31 African countries share their experiences on the quality of TVET systems to foster training-to-work transition

16 Jul 2019

The regional workshop on the sharing of experiences on technical and vocational training (TVET) systems for youth employability in Africa was organized in Nairobi in the framework of a partnership with IIEP-Pôle de Dakar Unesco and the Luxembourg Agency for Development Cooperation (Lux-Dev) and the Institute of La Francophonie for the Education and Training (IFEF). It follows the organization of the sharing workshop of March 2018 in Dakar on the theme of public-private partnerships (PPP) in vocational training.

A total of 130 participants of 31 countries from five regions of Africa attended this workshop: Benin, Botswana, Burkina Faso, Burundi, Cameroon, Congo, Côte d’Ivoire, Djibouti, DR Congo, Ethiopia, Gambia, Ghana, Guinea, Kenya, Madagascar, Malawi, Mali, Morocco, Mauritius, Mauritania, Namibia, Niger, Nigeria, Senegal, Tanzania, Tunisia, Chad, Togo, Uganda, Zambia and Zimbabwe.

They represented both the central level (TVET leadership directorates, umbrella organizations of employers and professional branches) and the local level (school directors, trainers, enterprises, regional TVET managers). The workshop benefited from the active participation of pan-African, international networks and organizations of vocational training representatives, of representatives of development partners (DPs) supporting vocational training in Africa and of representatives from technical and research organizations and institutions on the themes of the workshop.

Representing the host country, the Principal Secretary of the TVET Department of the Ministry of Education of Kenya, Dr Kevit DESAI, addressed the plenary session on the second day to explain how much this quality system TVET approach / training-to-employment transition was at the heart of the Kenyan approach.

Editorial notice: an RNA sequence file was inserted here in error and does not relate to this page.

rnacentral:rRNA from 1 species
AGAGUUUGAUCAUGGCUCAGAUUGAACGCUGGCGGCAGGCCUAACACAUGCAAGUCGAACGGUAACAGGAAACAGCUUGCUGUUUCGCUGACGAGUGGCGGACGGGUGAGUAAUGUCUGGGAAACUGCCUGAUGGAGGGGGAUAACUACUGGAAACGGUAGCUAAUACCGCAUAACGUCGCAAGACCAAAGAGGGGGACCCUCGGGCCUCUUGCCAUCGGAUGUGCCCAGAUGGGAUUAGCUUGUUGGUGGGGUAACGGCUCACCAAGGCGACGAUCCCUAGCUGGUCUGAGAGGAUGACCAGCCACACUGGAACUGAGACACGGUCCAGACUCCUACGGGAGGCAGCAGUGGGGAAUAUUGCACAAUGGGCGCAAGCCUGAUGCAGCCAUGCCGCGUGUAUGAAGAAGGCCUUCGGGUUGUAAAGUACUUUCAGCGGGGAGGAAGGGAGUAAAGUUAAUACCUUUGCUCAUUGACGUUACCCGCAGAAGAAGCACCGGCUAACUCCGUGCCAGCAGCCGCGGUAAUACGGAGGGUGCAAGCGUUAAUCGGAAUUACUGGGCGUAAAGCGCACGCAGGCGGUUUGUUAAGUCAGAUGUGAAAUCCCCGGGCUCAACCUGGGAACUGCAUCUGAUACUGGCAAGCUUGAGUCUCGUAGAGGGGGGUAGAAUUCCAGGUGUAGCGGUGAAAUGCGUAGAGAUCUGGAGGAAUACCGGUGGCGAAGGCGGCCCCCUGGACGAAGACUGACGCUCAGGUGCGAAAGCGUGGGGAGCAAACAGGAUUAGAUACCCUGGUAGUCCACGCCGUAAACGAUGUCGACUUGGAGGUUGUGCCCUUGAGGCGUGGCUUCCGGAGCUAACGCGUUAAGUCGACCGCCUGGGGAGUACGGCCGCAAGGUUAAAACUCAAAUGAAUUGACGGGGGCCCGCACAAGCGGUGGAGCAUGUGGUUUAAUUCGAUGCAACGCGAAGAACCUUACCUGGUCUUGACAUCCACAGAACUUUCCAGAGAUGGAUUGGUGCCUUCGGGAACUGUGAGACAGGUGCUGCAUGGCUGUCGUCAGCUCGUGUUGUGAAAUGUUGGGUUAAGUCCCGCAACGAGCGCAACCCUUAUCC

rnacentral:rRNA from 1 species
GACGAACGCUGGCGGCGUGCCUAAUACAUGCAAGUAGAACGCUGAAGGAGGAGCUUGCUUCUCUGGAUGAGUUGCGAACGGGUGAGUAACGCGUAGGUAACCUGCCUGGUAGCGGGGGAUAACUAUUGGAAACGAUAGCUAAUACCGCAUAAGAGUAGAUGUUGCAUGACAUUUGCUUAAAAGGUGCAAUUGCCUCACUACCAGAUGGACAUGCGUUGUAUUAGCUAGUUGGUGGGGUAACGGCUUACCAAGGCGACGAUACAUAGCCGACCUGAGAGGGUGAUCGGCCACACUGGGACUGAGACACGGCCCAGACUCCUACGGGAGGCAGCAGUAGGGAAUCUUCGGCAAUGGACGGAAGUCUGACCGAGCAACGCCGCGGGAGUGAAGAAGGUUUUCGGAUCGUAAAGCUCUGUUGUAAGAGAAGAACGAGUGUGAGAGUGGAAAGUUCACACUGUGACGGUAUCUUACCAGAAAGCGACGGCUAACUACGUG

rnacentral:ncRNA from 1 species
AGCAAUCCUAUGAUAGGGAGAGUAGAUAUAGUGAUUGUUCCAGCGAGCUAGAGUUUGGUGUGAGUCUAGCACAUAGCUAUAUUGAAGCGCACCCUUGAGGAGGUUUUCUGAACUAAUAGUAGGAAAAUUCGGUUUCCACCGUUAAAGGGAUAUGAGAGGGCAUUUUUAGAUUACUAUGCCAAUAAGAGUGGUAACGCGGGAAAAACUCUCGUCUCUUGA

Youth employability and entrepreneurship were discussed from several angles and in a fruitful way by the different actors from African countries present within the framework of three thematic days structured around group work (three parallel groups per day) whose results reflect the richness and diversity of African experiences. In what follows, there is one observation per group. The detailed results will be presented in the overall report of the workshop.

The first day focused on "managing and strengthening national qualifications systems to improve the quality of learning outcomes and their consistency with the skills needs by the economy":

Sub-theme of the first day


Public-private partnerships between vocational training schemes and companies on certification.


A certification mechanism works best when all partners are formally engaged and when vocational and technical training centers are autonomous, as in the case of Morocco's Delegated Management Institutes. "

Organisation and management of assessment and certification systems and the development of national and supranational qualification frameworks;

There is an emerging trend that the private sector (companies and sectoral organizations) is showing increasing interest in sharing responsibility for skills assessment at the regional, national and local levels.